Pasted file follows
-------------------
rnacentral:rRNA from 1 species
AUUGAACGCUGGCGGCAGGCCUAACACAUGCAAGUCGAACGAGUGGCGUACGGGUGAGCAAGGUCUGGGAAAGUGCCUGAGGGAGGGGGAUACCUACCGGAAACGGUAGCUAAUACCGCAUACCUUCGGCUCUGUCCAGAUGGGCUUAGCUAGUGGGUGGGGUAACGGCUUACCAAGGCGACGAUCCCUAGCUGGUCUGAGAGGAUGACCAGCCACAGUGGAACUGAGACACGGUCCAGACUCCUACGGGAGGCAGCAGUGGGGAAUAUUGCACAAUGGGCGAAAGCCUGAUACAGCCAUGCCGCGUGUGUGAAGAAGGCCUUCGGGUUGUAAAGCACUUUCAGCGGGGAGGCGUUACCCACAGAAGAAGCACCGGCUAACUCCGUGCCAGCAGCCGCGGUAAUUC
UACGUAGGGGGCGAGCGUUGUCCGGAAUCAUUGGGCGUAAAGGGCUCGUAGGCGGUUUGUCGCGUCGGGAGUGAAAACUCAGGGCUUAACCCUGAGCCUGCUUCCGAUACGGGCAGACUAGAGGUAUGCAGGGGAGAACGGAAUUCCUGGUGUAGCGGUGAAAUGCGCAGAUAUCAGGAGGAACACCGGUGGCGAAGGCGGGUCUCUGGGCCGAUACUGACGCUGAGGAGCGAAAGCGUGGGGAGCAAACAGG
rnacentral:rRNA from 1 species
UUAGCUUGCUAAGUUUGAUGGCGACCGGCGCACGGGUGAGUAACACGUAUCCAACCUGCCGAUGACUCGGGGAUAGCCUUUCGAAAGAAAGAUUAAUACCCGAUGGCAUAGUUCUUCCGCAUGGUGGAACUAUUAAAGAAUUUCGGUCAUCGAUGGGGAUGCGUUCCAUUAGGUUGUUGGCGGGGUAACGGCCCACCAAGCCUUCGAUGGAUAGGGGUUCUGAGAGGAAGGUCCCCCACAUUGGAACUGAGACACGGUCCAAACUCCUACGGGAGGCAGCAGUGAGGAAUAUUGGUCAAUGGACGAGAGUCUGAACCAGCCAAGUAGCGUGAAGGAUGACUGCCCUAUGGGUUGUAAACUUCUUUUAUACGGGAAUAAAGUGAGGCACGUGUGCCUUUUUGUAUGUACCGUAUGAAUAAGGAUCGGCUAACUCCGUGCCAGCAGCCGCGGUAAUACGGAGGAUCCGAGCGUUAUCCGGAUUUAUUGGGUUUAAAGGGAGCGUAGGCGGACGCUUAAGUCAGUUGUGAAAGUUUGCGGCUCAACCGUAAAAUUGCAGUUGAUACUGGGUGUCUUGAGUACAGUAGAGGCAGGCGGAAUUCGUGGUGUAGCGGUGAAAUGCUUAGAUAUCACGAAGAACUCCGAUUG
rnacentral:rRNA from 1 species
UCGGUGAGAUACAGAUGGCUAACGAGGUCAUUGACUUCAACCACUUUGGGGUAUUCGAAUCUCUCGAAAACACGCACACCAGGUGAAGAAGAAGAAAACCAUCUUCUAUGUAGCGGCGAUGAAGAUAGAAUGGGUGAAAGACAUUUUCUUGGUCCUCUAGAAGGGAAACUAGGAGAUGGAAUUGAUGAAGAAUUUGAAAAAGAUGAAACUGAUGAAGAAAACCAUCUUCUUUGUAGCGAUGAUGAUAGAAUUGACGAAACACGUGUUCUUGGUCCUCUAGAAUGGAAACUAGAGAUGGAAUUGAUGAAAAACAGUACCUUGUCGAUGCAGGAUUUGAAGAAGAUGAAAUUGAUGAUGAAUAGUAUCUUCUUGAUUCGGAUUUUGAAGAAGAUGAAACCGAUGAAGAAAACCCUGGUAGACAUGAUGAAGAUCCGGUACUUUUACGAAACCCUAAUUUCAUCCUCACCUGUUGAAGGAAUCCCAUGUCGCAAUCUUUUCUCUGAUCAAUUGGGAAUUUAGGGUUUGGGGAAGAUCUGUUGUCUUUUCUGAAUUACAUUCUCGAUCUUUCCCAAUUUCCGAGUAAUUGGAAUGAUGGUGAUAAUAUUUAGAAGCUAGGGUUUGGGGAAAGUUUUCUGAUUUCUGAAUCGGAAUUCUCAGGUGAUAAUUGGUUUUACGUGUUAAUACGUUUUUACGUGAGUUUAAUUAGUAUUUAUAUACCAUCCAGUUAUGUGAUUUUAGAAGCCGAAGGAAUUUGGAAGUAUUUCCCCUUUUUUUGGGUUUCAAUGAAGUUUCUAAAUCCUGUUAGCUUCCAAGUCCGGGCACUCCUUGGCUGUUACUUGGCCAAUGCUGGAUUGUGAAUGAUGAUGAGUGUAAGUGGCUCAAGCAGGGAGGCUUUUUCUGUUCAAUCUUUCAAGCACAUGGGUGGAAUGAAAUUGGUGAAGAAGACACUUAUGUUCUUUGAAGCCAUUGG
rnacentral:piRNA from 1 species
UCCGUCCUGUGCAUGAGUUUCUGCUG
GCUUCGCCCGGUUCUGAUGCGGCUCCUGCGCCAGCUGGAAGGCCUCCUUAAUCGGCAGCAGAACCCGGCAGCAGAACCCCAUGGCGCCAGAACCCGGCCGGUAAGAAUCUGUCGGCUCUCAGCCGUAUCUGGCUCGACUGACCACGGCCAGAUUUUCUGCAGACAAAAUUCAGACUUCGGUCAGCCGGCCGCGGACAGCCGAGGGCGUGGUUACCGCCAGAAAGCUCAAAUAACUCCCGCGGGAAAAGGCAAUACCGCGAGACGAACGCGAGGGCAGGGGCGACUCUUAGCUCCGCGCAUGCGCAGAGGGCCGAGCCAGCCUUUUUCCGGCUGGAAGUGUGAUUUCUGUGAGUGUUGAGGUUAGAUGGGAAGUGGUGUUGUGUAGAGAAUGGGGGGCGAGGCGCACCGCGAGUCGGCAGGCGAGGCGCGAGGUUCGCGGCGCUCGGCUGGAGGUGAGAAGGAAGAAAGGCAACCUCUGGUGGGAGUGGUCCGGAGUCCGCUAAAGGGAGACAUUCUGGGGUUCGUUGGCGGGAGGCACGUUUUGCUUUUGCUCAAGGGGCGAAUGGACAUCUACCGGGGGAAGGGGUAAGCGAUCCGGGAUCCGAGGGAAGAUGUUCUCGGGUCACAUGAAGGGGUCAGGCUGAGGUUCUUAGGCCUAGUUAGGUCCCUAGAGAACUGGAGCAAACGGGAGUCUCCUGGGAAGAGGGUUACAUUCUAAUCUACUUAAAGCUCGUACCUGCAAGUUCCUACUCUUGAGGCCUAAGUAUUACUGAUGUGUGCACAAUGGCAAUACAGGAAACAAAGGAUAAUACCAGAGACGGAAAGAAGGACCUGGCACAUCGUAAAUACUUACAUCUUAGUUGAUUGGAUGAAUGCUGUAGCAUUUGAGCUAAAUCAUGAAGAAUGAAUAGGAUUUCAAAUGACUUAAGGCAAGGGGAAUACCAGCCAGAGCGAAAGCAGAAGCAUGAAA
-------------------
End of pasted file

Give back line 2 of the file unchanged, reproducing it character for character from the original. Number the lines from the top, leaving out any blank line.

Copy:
AUUGAACGCUGGCGGCAGGCCUAACACAUGCAAGUCGAACGAGUGGCGUACGGGUGAGCAAGGUCUGGGAAAGUGCCUGAGGGAGGGGGAUACCUACCGGAAACGGUAGCUAAUACCGCAUACCUUCGGCUCUGUCCAGAUGGGCUUAGCUAGUGGGUGGGGUAACGGCUUACCAAGGCGACGAUCCCUAGCUGGUCUGAGAGGAUGACCAGCCACAGUGGAACUGAGACACGGUCCAGACUCCUACGGGAGGCAGCAGUGGGGAAUAUUGCACAAUGGGCGAAAGCCUGAUACAGCCAUGCCGCGUGUGUGAAGAAGGCCUUCGGGUUGUAAAGCACUUUCAGCGGGGAGGCGUUACCCACAGAAGAAGCACCGGCUAACUCCGUGCCAGCAGCCGCGGUAAUUC